More Spartina, clumps of Spartina appear to be spontaneously, colonising the mud thus recreating the salt marsh. Which leads to the question
If the salt marsh is being recreated by nature, why flood farm land in an attempt to recreate salt marsh?
DEFRA 2006 Predictions Of Sea Level Rise
Annual Sea Level Rise
Total Period Sea Level Rise
Total Rise 1990-2115
DEFRA 2009 Predictions Of Sea Level Rise
Sea Level Rise From 1990 To
Observed Average Sea Level Rise - Data From www.psmsl.org
So What Does It All Mean
All of the DEFRA predictions exceed the observations at the three sites shown for the "prediction period" 1990-2010, which indicates the predictions are not correct. Remember the SMP, the plan to protect the environment by breaching sea walls is based on the earlier higher DEFRA 2006 predictions.
There is a catch, salt marsh has to be about the level of high water on spring tides. If the sedimentation rate, the rate at which mud is deposited on the salt marsh, is at least as great as the rate of sea level rise then the salt marsh will rise so that it stays above the sea. Apart from spring tides. If the rate of sea level rise is greater than than the sedimentation rate then the salt marsh will spend longer periods submerged and start to die.
The nearest study of sedimentation is at Tollesbury and indicates about 9mm/year. This means that from about 2055, the salt marsh will start to die out. So there isn't a lot of point in flooding fields to create salt marsh that will die in 40 years or so.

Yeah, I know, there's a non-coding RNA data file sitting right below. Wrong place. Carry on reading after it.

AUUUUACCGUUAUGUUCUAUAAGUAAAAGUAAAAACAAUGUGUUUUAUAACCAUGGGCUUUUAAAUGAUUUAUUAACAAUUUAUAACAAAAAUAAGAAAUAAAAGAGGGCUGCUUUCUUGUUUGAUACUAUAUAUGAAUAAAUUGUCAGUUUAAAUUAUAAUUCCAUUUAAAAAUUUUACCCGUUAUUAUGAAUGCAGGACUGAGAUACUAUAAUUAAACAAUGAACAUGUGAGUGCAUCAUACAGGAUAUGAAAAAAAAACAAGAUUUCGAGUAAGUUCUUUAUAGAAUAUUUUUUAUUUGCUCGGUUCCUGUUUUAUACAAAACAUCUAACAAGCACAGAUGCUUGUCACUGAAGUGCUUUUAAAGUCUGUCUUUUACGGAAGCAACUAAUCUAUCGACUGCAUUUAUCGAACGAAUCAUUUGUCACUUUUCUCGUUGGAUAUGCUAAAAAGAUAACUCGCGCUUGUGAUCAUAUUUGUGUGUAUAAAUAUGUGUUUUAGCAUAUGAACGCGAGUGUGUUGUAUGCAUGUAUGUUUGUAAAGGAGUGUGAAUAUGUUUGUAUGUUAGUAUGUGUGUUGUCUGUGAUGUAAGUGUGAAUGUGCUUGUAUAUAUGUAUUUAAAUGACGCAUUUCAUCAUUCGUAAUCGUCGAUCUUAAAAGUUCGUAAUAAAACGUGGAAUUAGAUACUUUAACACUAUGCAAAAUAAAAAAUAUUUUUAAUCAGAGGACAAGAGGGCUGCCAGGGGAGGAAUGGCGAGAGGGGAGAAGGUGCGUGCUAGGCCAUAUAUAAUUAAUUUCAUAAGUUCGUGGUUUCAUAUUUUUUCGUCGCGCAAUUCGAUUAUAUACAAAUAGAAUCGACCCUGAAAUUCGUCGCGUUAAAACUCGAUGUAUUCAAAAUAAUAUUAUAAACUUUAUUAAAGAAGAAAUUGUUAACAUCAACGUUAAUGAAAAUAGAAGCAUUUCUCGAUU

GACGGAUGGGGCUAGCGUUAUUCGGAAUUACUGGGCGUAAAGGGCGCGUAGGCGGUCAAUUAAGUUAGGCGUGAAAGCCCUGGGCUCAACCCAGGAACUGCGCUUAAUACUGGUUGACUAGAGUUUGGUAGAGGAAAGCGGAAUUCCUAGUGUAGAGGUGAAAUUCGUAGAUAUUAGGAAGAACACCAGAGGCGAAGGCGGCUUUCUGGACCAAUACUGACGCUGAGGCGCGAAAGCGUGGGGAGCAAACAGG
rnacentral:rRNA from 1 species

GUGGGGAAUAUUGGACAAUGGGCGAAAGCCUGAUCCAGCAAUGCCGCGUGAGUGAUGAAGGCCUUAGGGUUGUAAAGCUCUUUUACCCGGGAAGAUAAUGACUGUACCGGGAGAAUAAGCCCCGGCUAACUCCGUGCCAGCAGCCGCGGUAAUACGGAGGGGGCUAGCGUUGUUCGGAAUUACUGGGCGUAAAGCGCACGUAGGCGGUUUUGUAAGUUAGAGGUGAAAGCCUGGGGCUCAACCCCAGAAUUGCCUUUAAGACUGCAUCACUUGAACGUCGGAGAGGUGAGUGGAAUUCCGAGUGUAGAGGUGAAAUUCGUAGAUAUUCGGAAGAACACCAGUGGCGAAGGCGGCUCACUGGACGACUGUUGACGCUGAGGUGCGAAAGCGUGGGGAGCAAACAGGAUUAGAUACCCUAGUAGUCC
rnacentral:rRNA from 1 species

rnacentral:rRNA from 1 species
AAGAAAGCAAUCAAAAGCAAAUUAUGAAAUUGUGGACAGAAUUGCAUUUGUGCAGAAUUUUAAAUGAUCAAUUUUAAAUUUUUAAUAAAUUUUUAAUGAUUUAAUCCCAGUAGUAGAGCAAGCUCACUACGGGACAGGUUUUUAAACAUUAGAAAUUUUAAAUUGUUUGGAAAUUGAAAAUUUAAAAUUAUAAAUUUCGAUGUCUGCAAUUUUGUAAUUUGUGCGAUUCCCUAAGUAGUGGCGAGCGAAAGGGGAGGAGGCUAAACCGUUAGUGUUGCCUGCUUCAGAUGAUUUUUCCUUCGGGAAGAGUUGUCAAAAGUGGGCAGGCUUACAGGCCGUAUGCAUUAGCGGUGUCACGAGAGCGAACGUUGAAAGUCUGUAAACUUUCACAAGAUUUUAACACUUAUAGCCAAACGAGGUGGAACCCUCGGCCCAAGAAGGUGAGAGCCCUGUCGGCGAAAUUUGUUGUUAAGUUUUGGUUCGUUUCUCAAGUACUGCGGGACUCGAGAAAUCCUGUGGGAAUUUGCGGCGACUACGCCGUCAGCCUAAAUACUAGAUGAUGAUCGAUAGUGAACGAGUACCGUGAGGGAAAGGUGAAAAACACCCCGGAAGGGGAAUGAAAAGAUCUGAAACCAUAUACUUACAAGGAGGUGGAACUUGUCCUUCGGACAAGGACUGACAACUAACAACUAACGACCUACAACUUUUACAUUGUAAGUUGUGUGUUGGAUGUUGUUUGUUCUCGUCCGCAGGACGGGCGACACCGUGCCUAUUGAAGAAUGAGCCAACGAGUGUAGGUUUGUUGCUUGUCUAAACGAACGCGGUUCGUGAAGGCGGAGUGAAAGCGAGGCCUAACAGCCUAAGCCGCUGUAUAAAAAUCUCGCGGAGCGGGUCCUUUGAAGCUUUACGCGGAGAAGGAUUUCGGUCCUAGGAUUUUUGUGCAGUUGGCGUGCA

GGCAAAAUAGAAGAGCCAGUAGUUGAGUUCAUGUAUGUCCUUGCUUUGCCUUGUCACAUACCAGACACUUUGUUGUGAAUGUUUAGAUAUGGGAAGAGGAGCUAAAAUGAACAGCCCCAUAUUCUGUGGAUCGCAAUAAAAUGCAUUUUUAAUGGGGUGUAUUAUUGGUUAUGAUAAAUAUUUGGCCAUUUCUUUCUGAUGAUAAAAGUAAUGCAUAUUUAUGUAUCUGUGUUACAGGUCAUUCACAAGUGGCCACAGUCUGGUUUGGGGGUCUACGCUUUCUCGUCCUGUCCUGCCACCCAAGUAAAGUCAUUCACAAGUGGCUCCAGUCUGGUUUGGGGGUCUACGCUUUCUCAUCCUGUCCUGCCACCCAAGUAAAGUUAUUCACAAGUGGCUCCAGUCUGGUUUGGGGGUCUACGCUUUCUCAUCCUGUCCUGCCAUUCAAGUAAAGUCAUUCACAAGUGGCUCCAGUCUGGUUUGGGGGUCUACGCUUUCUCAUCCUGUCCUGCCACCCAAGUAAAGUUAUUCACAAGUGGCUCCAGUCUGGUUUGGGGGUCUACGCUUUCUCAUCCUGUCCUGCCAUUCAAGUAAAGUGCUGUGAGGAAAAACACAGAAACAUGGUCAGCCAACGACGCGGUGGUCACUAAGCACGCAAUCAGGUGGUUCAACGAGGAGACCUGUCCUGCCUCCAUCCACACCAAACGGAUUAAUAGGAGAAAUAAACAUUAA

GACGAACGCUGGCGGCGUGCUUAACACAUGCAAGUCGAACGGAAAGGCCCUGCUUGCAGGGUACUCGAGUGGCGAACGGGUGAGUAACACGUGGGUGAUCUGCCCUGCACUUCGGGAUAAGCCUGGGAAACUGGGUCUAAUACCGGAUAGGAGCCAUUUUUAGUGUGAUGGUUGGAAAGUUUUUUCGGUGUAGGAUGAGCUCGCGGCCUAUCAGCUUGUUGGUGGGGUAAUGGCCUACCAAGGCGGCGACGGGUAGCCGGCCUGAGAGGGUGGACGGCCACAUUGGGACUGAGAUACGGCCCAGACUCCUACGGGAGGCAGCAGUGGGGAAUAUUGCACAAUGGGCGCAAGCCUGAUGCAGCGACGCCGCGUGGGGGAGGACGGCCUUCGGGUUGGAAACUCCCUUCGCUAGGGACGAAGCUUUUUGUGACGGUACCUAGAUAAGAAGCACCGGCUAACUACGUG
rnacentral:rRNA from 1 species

On the other hand if sea levels are not as high as the DEFRA 2006 predictions, particularly if they stay at the observed levels there will be no need for the project.
What About The Naze Tower
The Naze has been eroding at about a rate of 1.8 meters a year. Yes nearly 8 feet!
The cliffs had eroded so much that there was a strong chance the Naze tower would fall in the sea. At last some a rock wall was built at the base of the cliff to stop the sea erosion near the tower.
The rest of the Naze has been left unprotected. English Nature (yet another body) that is responsible for the cliffs wants to leave them unprotected as various rare animals live in holes in the cliffs. What happens to these rare species when the cliffs slide into the sea isn't specified.
So eventually, in a few hundred years, the northern end of the Naze will be totally destroyed and the sea will flood into backwaters, which won't help the salt marsh at all.
And The Cost
Around £1 million for the project at Kirby le Soken.
A freedom of information request to EA revealed they have spent about £300,000.
Natural England have agreed around £600,000 compensation to the farmer whose land will be flooded.
This excludes the cost of a 2 day public inquiry in 2010. A barrister, a solicitor for two days plus any preparation will not be cheap.
Of course there is another cost. The fields that are planned to be flooded have not been farmed for a number of years. A fresh water habitat has established itself in the fields, which includes a number of rare plants and birds. This will be lost if the fields are flooded with sea water.
£1million may not seem much. But these schemes are going on all around the UK and the total cost has been estimated at over £2 billion.
What do you think?